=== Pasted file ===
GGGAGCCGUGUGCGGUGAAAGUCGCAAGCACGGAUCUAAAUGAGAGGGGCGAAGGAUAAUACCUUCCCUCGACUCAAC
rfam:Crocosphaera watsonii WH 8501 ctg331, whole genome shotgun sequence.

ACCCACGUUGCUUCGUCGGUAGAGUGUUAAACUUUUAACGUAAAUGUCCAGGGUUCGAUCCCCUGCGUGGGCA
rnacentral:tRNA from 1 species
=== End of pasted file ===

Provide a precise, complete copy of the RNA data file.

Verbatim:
GGGAGCCGUGUGCGGUGAAAGUCGCAAGCACGGAUCUAAAUGAGAGGGGCGAAGGAUAAUACCUUCCCUCGACUCAAC
rfam:Crocosphaera watsonii WH 8501 ctg331, whole genome shotgun sequence.

ACCCACGUUGCUUCGUCGGUAGAGUGUUAAACUUUUAACGUAAAUGUCCAGGGUUCGAUCCCCUGCGUGGGCA
rnacentral:tRNA from 1 species